Turquoise, a broker-backed multilateral trading facility, has become the second European trading venue in a matter of days to announce discussions with regulators over its dark trading functionality.
“We are in discussions with the regulators and CESR in order to understand what their expectations are and what we can offer the market in terms of non-displayed functionality,” Ian Werner, head of legal, compliance and regulatory affairs, Turquoise, told theTRADEnews.com. “We are in advanced discussions with the Financial Services Authority (FSA) for an enhancement to our current dark functionality and we hope to be able to offer this enhancement soon, subject to regulatory approval.”
The development follows a request by the FSA for adjustments to the operations of NYFIX Euro Millennium, one of the first dark pools to enter the market. In its annual results statement, published last Thursday, NYFIX said that the UK regulator has “proposed an interpretation of a particular provision of MiFID that would require modifications to Euro Millennium’s current functionality”.
The regulators’ concerns are thought to focus on the pre-trade transparency waivers that dark trading venues can use to maintain anonymity of dark or hidden orders by not publishing pre-trade data. Presently, this can be done in three ways: a large in scale (LIS) waiver, where orders must be of a minimum size, based on the average daily turnover and market capitalisation of a stock, as defined by the Committee of European Securities Regulators; a pegged-to-reference waiver, where quotes are pegged to those on a primary exchange; or an order management system waiver, which can include functionality such as iceberg orders.
Any modifications to Turquoise may be centered around its use of a different order type. Turquoise currently offers dark-only orders, which are normally pegged to the European best bid and offer (EBBO), as well order types that can be used on its integrated order book, which offers both displayed and non-displayed liquidity. Both of these currently have to comply with large in scale restrictions.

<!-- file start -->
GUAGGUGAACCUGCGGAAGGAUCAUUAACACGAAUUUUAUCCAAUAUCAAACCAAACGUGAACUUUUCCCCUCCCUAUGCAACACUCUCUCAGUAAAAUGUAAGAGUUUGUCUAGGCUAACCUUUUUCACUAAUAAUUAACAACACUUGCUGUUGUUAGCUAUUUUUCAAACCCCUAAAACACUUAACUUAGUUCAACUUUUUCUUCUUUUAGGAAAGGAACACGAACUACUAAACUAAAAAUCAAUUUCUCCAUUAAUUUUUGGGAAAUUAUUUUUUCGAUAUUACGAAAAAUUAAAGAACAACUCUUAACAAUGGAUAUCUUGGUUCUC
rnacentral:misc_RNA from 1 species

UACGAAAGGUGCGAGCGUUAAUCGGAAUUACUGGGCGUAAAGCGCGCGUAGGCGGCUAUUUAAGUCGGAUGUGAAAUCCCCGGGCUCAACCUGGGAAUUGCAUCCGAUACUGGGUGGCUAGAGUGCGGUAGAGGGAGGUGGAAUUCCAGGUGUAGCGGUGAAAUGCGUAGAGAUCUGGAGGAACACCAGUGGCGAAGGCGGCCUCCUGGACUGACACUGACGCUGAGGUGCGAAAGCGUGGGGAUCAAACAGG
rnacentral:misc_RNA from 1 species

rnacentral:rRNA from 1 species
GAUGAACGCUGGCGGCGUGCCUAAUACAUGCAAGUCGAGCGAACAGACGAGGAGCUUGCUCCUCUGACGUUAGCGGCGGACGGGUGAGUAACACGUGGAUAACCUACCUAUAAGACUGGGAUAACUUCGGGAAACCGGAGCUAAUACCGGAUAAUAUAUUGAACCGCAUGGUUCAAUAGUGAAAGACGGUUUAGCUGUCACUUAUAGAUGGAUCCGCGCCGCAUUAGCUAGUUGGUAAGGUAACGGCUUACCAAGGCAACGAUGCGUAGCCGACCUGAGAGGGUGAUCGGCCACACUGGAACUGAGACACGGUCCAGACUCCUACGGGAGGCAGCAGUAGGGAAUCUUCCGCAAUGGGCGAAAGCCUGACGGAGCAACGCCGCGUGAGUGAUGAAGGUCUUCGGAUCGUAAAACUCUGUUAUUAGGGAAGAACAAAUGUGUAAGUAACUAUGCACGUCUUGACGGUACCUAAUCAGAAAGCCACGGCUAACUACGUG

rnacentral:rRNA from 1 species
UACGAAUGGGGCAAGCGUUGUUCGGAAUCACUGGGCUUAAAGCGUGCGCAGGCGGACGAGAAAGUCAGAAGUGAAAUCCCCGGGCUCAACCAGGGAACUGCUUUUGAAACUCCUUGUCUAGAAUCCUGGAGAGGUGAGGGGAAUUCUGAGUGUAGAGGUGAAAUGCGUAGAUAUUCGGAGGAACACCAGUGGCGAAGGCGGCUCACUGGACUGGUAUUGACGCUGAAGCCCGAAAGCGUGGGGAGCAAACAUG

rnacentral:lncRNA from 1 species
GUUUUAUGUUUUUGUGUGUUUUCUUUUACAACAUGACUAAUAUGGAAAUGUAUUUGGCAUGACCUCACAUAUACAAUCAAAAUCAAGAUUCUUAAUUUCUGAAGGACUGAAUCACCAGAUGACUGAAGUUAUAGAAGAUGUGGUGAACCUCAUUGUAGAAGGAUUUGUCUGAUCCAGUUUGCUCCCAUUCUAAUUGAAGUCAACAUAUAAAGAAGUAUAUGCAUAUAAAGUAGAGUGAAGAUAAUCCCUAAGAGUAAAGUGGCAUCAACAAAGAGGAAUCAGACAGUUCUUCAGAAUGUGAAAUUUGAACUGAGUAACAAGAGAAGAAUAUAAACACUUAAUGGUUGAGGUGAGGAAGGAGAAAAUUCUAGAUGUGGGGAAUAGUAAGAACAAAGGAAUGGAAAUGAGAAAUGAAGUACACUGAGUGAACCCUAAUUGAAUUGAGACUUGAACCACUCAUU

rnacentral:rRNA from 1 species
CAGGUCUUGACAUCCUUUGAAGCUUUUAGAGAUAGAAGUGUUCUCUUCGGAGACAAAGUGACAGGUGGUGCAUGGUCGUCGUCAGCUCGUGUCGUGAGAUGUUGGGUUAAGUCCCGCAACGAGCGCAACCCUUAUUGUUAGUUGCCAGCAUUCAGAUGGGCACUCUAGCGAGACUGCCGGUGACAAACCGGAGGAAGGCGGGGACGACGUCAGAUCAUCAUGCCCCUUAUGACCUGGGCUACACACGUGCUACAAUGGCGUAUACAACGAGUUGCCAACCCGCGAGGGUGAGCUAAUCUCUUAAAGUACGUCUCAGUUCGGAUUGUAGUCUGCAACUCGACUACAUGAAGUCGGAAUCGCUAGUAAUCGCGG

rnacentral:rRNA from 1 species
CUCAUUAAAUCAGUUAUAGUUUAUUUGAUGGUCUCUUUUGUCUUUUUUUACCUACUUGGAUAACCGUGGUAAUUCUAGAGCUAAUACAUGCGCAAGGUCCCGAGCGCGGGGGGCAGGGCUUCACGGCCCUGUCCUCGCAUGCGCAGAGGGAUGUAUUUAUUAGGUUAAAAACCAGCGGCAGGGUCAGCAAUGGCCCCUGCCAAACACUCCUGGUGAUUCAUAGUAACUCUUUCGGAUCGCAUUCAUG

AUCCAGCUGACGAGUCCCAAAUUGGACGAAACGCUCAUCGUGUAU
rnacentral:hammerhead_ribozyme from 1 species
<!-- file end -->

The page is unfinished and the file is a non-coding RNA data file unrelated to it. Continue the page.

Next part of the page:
At the moment, regulatory limitations mean pegged orders can only match with other pegged orders. Furthermore, large in scale orders can only execute against pegged, dark-only orders if they too are pegged and therefore unable to interact with any visible orders or other order types. Turquoise argues that the limited nature of the order types they are currently allowed to offer could force traders to over-the-counter or upstairs markets and have a detrimental effect on price formation.
“There is a need in the market to get large institutional size business done without leaving a footprint in the market,” added Werner. “However many execution opportunities for LIS orders are limited through the narrow interpretation of the various pre-trade transparency waivers. We believe that immediate post-trade transparency at optimal size is pre trade transparency for the next trade and the current narrow interpretation on pre-trade transparency by the regulators forces the business to be done away from platforms offering this post trade transparency certainty.”
Although denying it has issued new interpretations of pre-trade transparency waivers, the FSA said it was continuing to work with execution venues that offer dark order types on their compliance with MiFID’s pre-trade transparency regulations.